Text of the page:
• While the present invention has been described with respect to a limited number of embodiments, those skilled in the art, having the benefit of this disclosure, will appreciate numerous modifications and variations therefrom. It is intended that the appended claims cover all such modifications and variations as fall within the true spirit and scope of this present invention.

Claims (29)

1. A tool usable with a well, comprising:
a valve element having a first state and a second state;
a mechanical operator to respond to a predetermined signature in an annulus pressure relative to a baseline level of the annulus pressure to transition the valve element from the first state to the second state, the baseline level capable of varying over time;
a pressure chamber to exert a chamber pressure to bias the mechanical operator to transition from the second state to the first state; and
a regulator to regulate the second pressure based on the baseline level.
2. The tool of claim 1, wherein the predetermined signature comprises a momentary increase in the annulus pressure above the baseline level.
3. The tool of claim 1, wherein the tool comprises:
a first gas chamber to store a gas; and
a compensator to isolate the gas from fluid in the annulus and communicate the predetermined signature to the first gas chamber.
4. The tool of claim 3, further comprising:
a second gas chamber,
wherein the mechanical operator comprises a piston to travel between an upper position and a lower position in response to a differential between a pressure exerted by the gas stored in the first gas chamber and a pressure in the second gas chamber.
5. The tool of claim 4, wherein the mechanical operator further comprises:
a pressure equalizer to bleed gas between the first and second gas chambers to equalize the pressure in the first and second gas chambers in response to the pressure differential.
6. The tool of claim 5, wherein the pressure equalizer is adapted to accelerate equalization of the pressures in the first and second chambers in response to the second piston nearing the first position or the second piston nearing the second position.
7. The tool of claim 1, further comprising:
an indexer to establish a predetermined travel pattern from the mechanical operator before the valve element transitions from the first state to the second state.
8. A method usable with a well, comprising:
responding to a predetermined signature in an annulus pressure relative to a baseline level of the annulus pressure transition a valve element from a first state to a second state, the baseline level capable of varying over time;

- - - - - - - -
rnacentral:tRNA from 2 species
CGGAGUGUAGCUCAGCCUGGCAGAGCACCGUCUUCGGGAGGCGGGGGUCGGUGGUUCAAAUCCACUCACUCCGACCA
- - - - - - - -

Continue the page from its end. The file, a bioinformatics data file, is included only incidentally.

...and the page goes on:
exerting a chamber pressure to bias the valve element to transition from the second state to the first; and
regulating the chamber pressure based on the baseline level.
9. The method of claim 8, wherein the predetermined signature comprises a momentary increase in the annulus pressure above the baseline level.
10. The method of claim 8, wherein the act of regulating comprises regulating the chamber pressure to track the baseline level.
11. The method of claim 8, further comprising:
bleeding gas between the first and second chambers to equalize the pressure in the first and second chambers in response to a pressure differential between the first and second chambers.
12. The method of claim 8, further comprising:
using an indexer to establish a predetermined pressurization schedule for the annulus for the valve element to transition from the first state to the second state.
13. A tool usable with a well, comprising:
a valve element having a first state and a second state;
a spring;
a pressure chamber;
a mechanical operator to:
respond to forces exerted in concert by the spring and the pressure chamber to bias transitioning of the valve element from the first state to the second state; and
respond to annulus pressure to transition the valve element from the second state to the first state.
14. The tool of claim 13, wherein the spring comprises a Belleville spring.
15. The tool of claim 13, further comprising:
a collet to selectively restrict operation of the mechanical operator to establish a predetermined force for transitioning the mechanical operator.
16. The tool of claim 13, wherein the pressure chamber is filled with an inert gas.
17. The tool of claim 13, further comprising:
an indexer to selectively restrict travel of the mechanical operator until a predetermined number of pressurization cycles occur in the well.
18. A method comprising: